Accommodating Nursing Mothers and Pregnant Employees
Last week, several newspapers ran stories about the Frontier Airlines flight attendants and pilots who filed charges of discrimination with the EEOC in which they complained that the airline had failed to provide accommodations to them so that they could pump breast milk.
Some of you are probably asking yourselves: Doesn’t the Fair Labor Standards Act require employers to provide a reasonable break time for a covered employee to express milk for her nursing child and a place other than a bathroom, that is free from intrusion from coworkers and the public? Yes, it does require this for employees who are not exempt. However, in addition to employees employed in a bona fide executive, administrative or professional capacity, airline employees – regardless of their position – are not covered by the FLSA, which is probably why the Frontier flight attendants filed the charges of discrimination with the EEOC.
Whether the Frontier employees have a viable pregnancy or sex discrimination is yet to be seen. Unlike the Americans with Disabilities Act, the Pregnancy Discrimination Act does not require employers to accommodate women affected by pregnancy or childbirth. It simply states that pregnant women or women who have given birth “shall be treated the same for all employment related purposes … as other persons not so affected but similar in their ability or inability to work.”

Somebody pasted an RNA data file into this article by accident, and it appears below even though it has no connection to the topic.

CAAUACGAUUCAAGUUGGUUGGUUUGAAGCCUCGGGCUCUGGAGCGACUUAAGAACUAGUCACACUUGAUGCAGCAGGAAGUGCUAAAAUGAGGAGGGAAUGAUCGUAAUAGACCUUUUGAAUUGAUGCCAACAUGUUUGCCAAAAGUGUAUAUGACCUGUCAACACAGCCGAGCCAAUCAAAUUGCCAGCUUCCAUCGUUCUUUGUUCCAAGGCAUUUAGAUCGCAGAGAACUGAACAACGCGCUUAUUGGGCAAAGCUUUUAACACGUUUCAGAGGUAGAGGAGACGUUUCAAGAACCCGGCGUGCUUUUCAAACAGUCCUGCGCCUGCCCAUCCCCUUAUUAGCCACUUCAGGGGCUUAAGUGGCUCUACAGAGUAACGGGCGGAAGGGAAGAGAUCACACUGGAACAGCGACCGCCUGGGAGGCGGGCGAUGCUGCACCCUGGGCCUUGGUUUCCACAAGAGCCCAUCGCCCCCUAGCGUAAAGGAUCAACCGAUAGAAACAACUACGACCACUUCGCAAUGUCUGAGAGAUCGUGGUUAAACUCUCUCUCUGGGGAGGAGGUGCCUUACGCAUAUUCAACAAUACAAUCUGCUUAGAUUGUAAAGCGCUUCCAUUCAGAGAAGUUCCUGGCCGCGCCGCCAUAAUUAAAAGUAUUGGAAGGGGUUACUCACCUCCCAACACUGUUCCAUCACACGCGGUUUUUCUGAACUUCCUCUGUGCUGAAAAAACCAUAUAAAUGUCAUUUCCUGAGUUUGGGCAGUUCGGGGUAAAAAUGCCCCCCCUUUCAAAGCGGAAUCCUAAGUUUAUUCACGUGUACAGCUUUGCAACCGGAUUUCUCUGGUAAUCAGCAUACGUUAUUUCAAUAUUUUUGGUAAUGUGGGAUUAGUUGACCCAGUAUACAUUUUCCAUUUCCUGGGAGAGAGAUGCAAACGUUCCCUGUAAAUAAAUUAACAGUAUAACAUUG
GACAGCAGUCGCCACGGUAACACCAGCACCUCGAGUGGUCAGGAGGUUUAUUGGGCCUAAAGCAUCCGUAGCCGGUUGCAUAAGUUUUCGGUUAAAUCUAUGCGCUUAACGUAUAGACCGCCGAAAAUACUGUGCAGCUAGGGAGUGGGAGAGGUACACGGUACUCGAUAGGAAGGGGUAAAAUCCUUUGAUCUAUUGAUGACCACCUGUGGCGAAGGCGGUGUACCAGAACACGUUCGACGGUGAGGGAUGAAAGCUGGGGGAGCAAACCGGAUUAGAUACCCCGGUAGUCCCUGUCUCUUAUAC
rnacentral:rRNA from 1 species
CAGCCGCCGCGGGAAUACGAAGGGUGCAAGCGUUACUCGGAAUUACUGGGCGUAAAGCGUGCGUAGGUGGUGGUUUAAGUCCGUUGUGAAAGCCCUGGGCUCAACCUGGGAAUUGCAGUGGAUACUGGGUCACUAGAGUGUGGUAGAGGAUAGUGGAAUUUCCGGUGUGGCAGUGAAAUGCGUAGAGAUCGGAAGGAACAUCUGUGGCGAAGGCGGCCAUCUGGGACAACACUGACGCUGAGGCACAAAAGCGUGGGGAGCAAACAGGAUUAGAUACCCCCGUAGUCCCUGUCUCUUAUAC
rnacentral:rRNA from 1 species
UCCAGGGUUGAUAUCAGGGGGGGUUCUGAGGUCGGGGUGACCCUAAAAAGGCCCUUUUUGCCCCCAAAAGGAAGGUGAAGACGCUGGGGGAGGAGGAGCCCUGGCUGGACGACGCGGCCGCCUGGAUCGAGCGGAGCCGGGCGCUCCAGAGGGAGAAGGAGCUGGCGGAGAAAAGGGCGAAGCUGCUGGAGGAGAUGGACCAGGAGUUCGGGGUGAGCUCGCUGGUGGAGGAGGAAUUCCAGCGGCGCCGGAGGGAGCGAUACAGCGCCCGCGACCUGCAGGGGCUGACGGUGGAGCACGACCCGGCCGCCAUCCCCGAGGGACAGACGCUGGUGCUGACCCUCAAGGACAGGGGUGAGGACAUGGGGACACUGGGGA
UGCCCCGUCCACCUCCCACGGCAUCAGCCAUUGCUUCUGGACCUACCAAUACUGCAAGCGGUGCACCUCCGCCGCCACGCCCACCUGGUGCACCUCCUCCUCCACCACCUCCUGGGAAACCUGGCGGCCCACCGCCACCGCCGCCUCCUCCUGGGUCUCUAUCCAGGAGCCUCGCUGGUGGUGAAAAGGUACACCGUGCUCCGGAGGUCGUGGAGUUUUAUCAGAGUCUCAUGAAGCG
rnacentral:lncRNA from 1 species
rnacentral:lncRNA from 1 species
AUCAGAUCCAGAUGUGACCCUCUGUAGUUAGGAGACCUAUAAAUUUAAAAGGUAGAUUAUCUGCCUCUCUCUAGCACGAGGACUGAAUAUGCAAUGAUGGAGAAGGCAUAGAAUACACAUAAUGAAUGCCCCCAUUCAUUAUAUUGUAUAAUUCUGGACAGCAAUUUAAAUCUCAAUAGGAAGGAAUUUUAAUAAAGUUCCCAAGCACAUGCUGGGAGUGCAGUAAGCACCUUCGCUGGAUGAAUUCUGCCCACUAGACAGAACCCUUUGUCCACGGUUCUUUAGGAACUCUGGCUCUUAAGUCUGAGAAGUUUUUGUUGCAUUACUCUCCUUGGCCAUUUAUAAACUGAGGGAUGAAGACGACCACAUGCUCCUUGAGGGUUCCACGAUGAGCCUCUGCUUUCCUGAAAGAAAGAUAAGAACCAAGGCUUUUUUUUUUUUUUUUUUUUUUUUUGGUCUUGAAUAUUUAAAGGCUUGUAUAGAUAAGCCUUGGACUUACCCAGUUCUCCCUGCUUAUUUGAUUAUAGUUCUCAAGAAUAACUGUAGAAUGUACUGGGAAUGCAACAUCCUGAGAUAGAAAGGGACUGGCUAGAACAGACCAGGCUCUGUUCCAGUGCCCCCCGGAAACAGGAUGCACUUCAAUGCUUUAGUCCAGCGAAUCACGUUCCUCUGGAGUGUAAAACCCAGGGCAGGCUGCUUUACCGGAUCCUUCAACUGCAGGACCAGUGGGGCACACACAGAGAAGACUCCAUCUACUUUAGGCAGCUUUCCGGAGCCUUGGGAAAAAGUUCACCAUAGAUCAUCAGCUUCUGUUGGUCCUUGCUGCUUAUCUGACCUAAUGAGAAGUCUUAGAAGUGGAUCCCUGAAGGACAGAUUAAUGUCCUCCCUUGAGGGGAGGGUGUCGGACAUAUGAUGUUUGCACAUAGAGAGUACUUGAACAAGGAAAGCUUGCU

When dealing with requests for accommodations from pregnant employees or employees who have just given birth and who are not exempt from the FLSA’s overtime requirements employers should think about how they have accommodated male employees who are temporarily disabled. If Frontier Airlines allows temporarily disabled male employees to transfer to a light duty assignment or only be assigned to short flights, the airline should probably offer a similar accommodation to the pregnant employee or nursing mother. On the other hand, if the temporarily disabled male employee were only provided with unpaid medical leave, that may be all that Frontier Airlines has to provide its pregnant employees.
Don’t forget, however, even if you don’t have a duty to accommodate a pregnant employee or an employee who has just given birth, most non-airline employers are still required to provide a reasonable break time for covered employees to express milk as well as a private place for doing so. (The FLSA does not require employers to pay employees during this break, although most employers do.) Additionally, you should check state law because 28 states have laws related to breastfeeding in the workplace and some of those laws have additional requirements.
This information is provided by Vinson & Elkins LLP for educational and informational purposes only and is not intended, nor should it be construed, as legal advice.